Let's Go To Tokyo: Days Five & Sixby Bamboo Dong,
I had a hankering for Daiwa Sushi while I was in Tokyo, but I couldn't bring myself to wake up at 5AM on the days I was still recovering from jet lag. By the time Sunday rolled around, the Tsujiki fish market was closed. It's a shame because there's a good chance the fish market will no longer be at its current place by November 2016, as the city prepares for the 2020 Olympics. What that will mean for the small businesses there—including Daiwa Sushi and rival Sushi Dai—remains to be seen.
Unfortunately, I didn't get a chance to make my pilgrimage there in time, so instead I strolled around Tsukiji Outer Market with my boss and ANN CEO Christopher Macdonald. While it doesn't have the football-fields-upon-football-fields worth of fish wholesalers and retailers, it still has a few seafood vendors, and lots and lots of restaurants. Shop after shop offer sushi and other treats—two places that particularly grabbed my interest were a stand selling tamago on a stick, and a place that was searing seafood inside scallop shells. We ended up at Unitora, largely because I was drawn in by a sign advertising their giant uni donburi bowls. If I have one weakness in the world (who am I kidding, I have several when it comes to food), it's uni.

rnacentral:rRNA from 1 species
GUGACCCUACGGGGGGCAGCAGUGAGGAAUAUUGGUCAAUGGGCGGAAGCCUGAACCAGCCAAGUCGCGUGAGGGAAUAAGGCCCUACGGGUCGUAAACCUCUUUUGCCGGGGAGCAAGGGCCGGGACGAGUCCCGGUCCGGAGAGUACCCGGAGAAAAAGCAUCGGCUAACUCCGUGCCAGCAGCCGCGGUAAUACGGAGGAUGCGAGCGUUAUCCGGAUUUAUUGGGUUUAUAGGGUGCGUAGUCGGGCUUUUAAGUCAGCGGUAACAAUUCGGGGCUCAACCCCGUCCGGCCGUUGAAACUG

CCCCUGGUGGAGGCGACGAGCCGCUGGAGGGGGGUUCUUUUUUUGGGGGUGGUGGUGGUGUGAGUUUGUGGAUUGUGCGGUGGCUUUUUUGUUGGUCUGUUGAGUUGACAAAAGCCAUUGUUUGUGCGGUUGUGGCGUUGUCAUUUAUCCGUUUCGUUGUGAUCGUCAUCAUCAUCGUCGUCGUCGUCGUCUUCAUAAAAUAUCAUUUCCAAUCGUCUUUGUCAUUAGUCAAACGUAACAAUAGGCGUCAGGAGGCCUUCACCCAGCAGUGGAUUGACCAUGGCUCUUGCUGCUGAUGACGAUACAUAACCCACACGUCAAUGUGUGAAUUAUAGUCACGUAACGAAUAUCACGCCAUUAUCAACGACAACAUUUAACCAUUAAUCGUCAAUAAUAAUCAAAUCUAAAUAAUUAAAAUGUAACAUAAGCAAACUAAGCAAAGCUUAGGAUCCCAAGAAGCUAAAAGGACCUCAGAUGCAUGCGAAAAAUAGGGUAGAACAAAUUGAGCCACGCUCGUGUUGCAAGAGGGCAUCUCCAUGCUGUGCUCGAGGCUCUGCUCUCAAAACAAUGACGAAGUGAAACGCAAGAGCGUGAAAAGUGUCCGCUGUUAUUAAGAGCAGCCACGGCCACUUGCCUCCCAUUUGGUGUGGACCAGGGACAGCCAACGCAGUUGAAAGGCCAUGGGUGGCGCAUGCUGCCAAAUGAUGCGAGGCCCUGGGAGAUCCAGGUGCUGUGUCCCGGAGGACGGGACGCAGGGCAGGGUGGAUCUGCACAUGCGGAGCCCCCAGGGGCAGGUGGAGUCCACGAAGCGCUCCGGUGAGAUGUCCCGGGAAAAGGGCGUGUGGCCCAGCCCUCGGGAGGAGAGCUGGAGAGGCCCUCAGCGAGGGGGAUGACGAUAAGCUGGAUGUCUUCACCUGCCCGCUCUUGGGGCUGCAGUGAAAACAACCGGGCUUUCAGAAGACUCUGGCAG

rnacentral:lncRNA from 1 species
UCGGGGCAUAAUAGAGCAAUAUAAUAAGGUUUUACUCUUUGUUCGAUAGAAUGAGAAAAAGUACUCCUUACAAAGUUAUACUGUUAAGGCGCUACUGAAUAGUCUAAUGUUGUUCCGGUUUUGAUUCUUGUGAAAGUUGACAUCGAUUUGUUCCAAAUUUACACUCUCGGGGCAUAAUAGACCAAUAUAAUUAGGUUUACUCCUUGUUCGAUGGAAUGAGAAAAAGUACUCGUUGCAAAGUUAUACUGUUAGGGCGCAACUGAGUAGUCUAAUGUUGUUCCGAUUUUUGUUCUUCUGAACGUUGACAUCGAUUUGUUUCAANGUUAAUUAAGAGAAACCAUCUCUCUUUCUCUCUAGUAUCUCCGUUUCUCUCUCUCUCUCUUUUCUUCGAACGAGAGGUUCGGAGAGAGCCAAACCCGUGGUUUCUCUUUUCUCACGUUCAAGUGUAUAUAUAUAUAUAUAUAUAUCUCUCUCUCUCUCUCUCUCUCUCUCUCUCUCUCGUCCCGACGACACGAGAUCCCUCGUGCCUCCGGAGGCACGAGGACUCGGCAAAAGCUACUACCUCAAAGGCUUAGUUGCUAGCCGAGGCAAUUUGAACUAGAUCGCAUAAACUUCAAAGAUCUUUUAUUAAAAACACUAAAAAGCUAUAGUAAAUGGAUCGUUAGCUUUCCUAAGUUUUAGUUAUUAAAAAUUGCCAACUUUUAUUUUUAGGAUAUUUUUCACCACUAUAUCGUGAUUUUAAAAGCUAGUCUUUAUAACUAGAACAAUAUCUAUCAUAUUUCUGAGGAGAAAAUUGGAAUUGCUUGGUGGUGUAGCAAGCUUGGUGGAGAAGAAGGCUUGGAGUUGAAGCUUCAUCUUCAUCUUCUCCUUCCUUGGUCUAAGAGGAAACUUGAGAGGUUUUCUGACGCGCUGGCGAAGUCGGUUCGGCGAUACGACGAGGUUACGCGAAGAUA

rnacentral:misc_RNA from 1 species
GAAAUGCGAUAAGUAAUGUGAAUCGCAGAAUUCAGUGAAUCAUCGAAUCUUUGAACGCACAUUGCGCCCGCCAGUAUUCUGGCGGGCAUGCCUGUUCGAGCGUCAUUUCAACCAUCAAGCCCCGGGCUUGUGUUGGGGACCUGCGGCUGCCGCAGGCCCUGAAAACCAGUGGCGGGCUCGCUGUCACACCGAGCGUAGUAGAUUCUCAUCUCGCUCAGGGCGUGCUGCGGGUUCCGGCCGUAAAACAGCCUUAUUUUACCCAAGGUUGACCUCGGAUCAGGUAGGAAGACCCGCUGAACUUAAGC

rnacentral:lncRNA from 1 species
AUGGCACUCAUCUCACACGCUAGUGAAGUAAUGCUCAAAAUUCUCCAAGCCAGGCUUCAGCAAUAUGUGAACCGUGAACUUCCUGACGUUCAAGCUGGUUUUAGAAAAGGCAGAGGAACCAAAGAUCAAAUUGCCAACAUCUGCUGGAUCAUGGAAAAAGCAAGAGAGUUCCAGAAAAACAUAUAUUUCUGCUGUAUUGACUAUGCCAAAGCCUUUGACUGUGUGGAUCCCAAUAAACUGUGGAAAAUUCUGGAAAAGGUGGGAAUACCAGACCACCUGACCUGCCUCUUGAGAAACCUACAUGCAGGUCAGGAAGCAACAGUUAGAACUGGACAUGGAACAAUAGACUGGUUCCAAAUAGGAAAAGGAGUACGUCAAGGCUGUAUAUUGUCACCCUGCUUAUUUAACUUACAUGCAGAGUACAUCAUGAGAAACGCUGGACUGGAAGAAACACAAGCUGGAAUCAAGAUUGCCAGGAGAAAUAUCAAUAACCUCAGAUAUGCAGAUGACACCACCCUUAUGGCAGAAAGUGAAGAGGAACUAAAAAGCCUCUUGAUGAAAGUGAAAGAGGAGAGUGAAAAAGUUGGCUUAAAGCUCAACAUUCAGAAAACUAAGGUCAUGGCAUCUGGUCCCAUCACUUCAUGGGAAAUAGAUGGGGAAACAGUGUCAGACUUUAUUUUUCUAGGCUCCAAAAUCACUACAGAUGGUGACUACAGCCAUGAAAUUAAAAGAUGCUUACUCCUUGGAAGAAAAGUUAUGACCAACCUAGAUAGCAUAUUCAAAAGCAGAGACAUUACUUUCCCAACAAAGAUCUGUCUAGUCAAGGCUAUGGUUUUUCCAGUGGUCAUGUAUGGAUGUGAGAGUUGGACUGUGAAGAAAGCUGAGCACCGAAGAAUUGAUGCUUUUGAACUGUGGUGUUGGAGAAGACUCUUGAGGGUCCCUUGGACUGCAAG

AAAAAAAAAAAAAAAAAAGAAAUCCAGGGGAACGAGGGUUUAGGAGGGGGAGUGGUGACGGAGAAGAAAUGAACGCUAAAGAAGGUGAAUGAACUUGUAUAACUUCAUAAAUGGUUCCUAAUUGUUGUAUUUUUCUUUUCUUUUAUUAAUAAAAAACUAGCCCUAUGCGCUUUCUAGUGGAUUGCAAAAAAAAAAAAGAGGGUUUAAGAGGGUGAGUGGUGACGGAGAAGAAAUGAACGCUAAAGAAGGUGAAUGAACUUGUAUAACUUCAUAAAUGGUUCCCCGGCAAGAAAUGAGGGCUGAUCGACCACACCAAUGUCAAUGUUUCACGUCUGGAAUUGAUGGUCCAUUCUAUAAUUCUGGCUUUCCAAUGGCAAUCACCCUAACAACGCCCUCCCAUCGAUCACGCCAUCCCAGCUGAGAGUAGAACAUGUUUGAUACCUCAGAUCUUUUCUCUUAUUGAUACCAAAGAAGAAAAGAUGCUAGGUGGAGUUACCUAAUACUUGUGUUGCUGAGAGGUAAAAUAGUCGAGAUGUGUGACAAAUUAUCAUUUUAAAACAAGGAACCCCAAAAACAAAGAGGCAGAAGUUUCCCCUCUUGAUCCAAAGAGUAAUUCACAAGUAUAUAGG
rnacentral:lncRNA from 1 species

A shop getting ready to cut up a tuna in front of a crowd
At Unitora. This is the untouched ganso kaisen hitsumabushi (mixed seafood bowl), whose self-contained last course becomes a chazuke once roasted green tea or dashi broth is poured over the last quarter of fish and rice
My beautiful uni-don. If you don't like uni, I'm convinced it's because you haven't had it fresh enough. This place also had a uni-don bowl that featured uni from five different harvest locations, so it ranged in color from yellows to red-oranges. This bowl just had one type, but it was heaven in my mouth.
Like anywhere else in Japan, there are shrines everywhere. This is Namiyoke Inari Shrine, located next to one of the fish market gates.